How Ordinary Management Can Become Extraordinary Leadership
Ordinary management is crucial. The ability to step into a situation, understand the complex web of intertwining relationships, and manage the people and resources to accomplish a goal are critical skills for all executives. According to Mike Chitty in his article, “Ordinary and Extraordinary Leadership”, management is the efficiency-based, improvement-oriented focus on the present situation. Ordinary simply means the implementation of well-known principles to a situation that is relatively black and white. He makes sure to note that ordinary is difficult, and should in no way be undervalued, with even the best managers needing years of practice to master it.
Leadership, while not mutually exclusive of management, is the visionary focus on the future. Extraordinary applies to the implication that the solution to a situation is not clear, that there is disagreement and absolutely no guarantee that the steps taken to solve a problem will succeed. The greatest executives within a company must be both managers and leaders. According to Mike Chitty, the set of skills common to all extraordinary leaders includes: Creativity and political/emotional intelligence, confidence, and the ability to work through disagreement.
An extraordinary leader will apply an iterative process of hypothesizing, testing, measuring, learning, and trying again. However, the most important part of this iterative process is the ability to bring people on board, to convince employees and coworkers to stand by you. To do this, leaders must build relationships and give feedback, delegate and manage priorities. Building relationships across an organization can work to break down imaginary hierarchical walls and allow leaders to better build trust and courage from others. Giving useful and constructive feedback, Mike Chitty states, “must become a fabric of a leader’s regular responsibilities.” This not only helps build relationships, but also helps leaders grow both personally and professionally. Delegating tasks and managing priorities are soft skills needed to ensure that the proper focus is given to improving an organization rather than just maintaining it.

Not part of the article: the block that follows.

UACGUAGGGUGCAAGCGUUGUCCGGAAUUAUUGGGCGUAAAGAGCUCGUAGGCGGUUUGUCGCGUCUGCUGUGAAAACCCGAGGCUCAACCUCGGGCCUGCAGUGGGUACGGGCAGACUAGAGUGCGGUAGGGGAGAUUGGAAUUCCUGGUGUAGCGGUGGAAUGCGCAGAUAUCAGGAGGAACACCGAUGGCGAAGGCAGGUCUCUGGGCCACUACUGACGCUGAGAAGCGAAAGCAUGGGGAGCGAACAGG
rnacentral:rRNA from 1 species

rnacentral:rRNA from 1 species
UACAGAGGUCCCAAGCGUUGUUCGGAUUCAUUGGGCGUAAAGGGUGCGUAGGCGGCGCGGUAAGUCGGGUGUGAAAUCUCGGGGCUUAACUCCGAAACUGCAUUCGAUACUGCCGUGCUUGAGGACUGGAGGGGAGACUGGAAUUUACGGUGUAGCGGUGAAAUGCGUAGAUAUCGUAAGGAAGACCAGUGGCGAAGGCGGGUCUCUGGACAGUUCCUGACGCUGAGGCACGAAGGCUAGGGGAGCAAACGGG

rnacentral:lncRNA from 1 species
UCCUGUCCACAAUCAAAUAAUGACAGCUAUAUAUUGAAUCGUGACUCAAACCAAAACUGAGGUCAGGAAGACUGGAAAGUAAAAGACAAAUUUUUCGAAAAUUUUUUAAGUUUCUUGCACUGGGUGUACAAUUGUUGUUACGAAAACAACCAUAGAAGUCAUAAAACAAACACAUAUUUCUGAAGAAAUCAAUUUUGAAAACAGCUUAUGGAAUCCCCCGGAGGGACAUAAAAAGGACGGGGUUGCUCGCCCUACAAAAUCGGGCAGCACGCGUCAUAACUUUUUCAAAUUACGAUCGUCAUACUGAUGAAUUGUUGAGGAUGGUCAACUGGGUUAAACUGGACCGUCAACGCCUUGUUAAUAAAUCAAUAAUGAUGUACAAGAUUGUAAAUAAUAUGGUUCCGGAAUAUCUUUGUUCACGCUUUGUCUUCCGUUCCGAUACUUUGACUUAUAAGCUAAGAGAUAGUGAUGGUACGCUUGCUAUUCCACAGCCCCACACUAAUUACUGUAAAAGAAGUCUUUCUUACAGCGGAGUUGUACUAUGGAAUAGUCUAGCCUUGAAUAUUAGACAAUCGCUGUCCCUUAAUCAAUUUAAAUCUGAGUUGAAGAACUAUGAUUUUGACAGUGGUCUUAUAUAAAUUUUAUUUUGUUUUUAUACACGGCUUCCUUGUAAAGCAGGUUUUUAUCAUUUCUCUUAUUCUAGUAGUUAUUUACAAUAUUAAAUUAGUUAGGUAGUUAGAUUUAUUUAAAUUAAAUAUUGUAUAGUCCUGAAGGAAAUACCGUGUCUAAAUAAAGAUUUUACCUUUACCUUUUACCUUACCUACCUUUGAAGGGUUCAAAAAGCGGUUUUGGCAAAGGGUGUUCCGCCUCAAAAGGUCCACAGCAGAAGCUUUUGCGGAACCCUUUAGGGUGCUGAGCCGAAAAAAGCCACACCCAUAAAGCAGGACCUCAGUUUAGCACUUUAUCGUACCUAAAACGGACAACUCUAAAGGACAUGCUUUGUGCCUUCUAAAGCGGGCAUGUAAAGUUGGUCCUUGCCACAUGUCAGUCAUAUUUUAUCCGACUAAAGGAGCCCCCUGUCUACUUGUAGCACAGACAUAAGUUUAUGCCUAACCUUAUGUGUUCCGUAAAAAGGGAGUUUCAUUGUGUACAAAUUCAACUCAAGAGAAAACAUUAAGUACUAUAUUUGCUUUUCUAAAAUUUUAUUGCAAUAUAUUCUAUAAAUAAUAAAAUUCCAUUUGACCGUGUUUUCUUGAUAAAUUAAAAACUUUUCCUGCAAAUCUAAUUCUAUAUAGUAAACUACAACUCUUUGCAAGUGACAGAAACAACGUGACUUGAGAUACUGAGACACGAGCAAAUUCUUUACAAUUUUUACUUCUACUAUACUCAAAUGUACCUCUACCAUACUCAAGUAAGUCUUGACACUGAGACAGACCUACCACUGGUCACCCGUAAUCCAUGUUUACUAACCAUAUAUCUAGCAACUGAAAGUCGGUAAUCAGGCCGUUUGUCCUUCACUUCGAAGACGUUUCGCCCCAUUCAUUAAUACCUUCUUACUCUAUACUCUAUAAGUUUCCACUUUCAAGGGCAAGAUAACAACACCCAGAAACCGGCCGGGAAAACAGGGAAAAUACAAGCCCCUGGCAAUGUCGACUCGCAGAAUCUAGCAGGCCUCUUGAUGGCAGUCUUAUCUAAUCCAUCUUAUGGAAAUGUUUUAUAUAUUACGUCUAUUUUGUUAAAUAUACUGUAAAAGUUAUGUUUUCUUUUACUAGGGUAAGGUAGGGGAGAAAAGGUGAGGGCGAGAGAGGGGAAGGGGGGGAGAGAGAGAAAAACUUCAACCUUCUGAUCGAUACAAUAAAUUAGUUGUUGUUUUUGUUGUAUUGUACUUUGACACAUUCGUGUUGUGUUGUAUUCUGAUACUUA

Extraordinary leaders must build relationships and manage priorities to convince others that the difficult steps taken today will lead to a better future. In a day to day setting, executives must apply standard operating practice and management techniques to ensure effective operation of a company while at the same time, working to lead others toward growth and positive transformation.
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Article submitted by Bank of America For mid-market companies, business success and responsible growth aren’t mutually exclusive. In fact, prioritizing responsible growth is becoming increasingly important, and successful companies are making sustainability central to their growth strategies. Beyond good corporate citizenship, they are recognizing the intrinsic link between the strength of their business and that of the communities and economies in which they operate. Leading your growth with those goals in mind builds resilience and better solutions for the future. Consider the following: Responsible growth companies perform better. Companies that consider the impact of risks and opportunities on the environment, local communities and society may produce better financial results than those that don’t. Additionally, 90% of companies believe a sustainability plan is important for remaining competitive. Responsible growth companies attract investment. A 2016 study by MIT Sloan Management Review and Boston Consulting Group surveyed 3,000 executives and managers from more than 100 countries. Findings revealed that 75% of senior executives in investment firms agree that a company’s sustainability performance is materially important to their investment decisions, and nearly half would not invest in a company with a poor sustainability record. Ninety percent of executives see sustainability as important, but only
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